Explore the Canyon Village Area

Whether you are planning your visit or browsing, here are some of our favorite things to do in the Canyon area.

A canyon with tan walls and a waterfall

The view of the Grand Canyon of the Yellowstone from Artist's Point is a popular park destination.


Admire the view from Artist's Point

The Grand Canyon of the Yellowstone is roughly 20 miles long, measured from the Upper Falls to the Tower Fall area. The canyon was formed by erosion as Yellowstone River flowed over progressively softer, less resistant rock. The Upper Falls is upstream of the Lower Falls and is 109 ft. high. It can be seen from the Brink of the Upper Falls Trail and from Uncle Tom's Trail. The Lower Falls is 308 ft. high and can be seen from Lookout Point, Red Rock Point, Artist Point, Brink of the Lower Falls Trail, and from various points on the South Rim Trail. The Lower Falls is often described as being more than twice the size of Niagara, although this only refers to its height and not the volume of water flowing over it. The volume of water flowing over the falls can vary from 63,500 gal/sec at peak runoff to 5,000 gal/sec in the fall. A third falls is located the canyon between the Upper and Lower falls. Crystal Falls is the outfall of Cascade Creek into the canyon. It can be seen from the South Rim Trail just east of the Uncle Tom's area. The canyon was a barrier to early travel, but became a destination for visitors when roads made the park more accessible. Take our online tour of the canyon and learn more about the geology of the Grand Canyon of the Yellowstone.

A bison followed by two vehicles walk down the right lane of a road

Hayden Valley is one of the best places in Yellowstone to view a variety of wildlife.


Watch wildlife in Hayden Valley

Hayden Valley is an excellent place to view wildlife, including grizzly bears, particularly in the spring and early summer when they may be preying upon newborn bison and elk calves. Large herds of bison are often seen in the spring and early summer and during the fall rut. Coyotes are often seen in the valley. Bird life is abundant in and along the river. A variety of shore birds may be seen in the mud flats at Alum Creek. Ducks, geese, and American white pelicans cruise the river. Bird watchers should look for bald eagles, northern harriers, and sandhill cranes. Watch the Inside Yellowstone episode about Hayden Valley (2 min. 8 sec.)...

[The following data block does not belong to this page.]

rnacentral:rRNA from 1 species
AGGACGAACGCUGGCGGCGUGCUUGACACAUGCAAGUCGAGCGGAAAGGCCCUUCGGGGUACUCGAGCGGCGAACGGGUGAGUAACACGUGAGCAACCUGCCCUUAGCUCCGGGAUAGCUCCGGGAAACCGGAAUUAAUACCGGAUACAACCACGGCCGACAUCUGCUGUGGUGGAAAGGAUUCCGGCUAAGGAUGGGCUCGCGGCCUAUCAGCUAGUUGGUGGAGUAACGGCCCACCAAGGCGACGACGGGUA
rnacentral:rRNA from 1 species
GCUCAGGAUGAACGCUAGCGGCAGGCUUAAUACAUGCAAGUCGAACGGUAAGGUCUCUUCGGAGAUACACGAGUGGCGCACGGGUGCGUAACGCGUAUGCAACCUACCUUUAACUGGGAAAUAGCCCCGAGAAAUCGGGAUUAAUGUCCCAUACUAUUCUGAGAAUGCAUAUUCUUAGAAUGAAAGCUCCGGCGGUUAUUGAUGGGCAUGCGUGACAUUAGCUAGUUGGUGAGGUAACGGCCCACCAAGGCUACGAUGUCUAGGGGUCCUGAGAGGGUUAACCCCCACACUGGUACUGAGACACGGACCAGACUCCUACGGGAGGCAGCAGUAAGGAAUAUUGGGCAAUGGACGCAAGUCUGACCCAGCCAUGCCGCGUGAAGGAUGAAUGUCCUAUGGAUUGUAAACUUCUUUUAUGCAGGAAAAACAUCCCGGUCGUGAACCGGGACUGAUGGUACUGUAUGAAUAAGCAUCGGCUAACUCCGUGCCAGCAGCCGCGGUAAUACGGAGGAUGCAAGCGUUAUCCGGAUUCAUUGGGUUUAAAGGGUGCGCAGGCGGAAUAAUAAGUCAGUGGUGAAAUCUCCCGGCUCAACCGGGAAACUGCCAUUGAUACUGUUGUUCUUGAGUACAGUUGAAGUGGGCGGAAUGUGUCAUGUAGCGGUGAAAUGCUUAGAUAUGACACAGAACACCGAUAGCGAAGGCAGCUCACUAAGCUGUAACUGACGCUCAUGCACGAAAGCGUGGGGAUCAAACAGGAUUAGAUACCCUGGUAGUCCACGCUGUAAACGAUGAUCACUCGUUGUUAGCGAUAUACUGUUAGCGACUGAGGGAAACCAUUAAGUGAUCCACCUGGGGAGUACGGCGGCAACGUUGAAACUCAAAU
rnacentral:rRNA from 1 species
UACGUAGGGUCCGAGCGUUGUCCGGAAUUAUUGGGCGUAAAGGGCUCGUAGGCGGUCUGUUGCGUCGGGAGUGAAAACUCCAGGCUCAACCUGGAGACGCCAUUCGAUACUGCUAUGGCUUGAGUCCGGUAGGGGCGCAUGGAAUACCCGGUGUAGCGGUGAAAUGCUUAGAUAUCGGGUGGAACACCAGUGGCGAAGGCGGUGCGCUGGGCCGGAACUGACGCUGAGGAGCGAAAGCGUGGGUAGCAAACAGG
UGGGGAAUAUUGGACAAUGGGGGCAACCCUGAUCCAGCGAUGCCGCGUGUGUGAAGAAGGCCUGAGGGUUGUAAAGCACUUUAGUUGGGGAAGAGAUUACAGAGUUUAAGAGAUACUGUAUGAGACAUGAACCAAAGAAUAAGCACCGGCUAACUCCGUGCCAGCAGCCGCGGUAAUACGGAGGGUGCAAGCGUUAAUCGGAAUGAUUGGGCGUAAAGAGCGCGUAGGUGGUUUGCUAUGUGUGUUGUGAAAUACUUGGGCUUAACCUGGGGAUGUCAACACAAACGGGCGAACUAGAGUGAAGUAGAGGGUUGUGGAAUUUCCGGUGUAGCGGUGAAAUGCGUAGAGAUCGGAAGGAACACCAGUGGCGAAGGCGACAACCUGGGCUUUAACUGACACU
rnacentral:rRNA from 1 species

Remember: Do not approach bears or wolves on foot within 100 yards (91 m) or other wildlife within 25 yards (23 m). Keep a safe distance from all wildlife. If you cause an animal to move or change its behavior, you are too close! Each year, park visitors are injured by wildlife when approaching too closely.

View from a balcony of families talking to rangers at a desk

Learn about the supervolcano, geysers, and hot springs at the Canyon Visitor Education Center.


Visit the Canyon Visitor Education Center

The Canyon Visitor Education Center is located in the Canyon Village complex, part of the Mission 66 project in Yellowstone. The original visitor center was completed in 1957, and the new lodge was open for business in the same year. There are, however, still remnants of the old hotel, lodge, and related facilities.

A young woman looks across a mountain range on a windy day

Mount Washburn is one of the most popular day hiking destinations in Yellowstone National Park. Enjoy panoramic views from the top in person or on Yellowstone's webcams.

NPS/Yellowstone Youth Conservation Corps

Look out from the top of Mt. Washburn

Of the more than 900 miles of hiking trails in Yellowstone, Mount Washburn is one of the most popular day hiking destinations. It is located in north central Yellowstone with a peak elevation of 10,243 feet (3,107 m) and panoramic views for about 20 to 50 miles (32 to 80 km). It is the remnant of volcanic activity that took place long before the formation of the present canyon and named for Gen. Henry Dana Washburn, leader of the 1870 Washburn-Langford-Doane Expedition. At the top, check out interpretive exhibits inside the base of a fire lookout and enjoy the view (you can also watch views from Mount Washburn on our webcams). During July, wildflowers carpet the slopes.

In addition to being a popular hiking destination, Mount Washburn is one of three fire lookout stations in Yellowstone. It is continuously staffed from mid-June until the fire season ends. Fire lookouts are staffed by firefighters trained to detect and locate fires, monitor fire activity, and report significant changes. They spend the summer living alone, watching for signs of fire.

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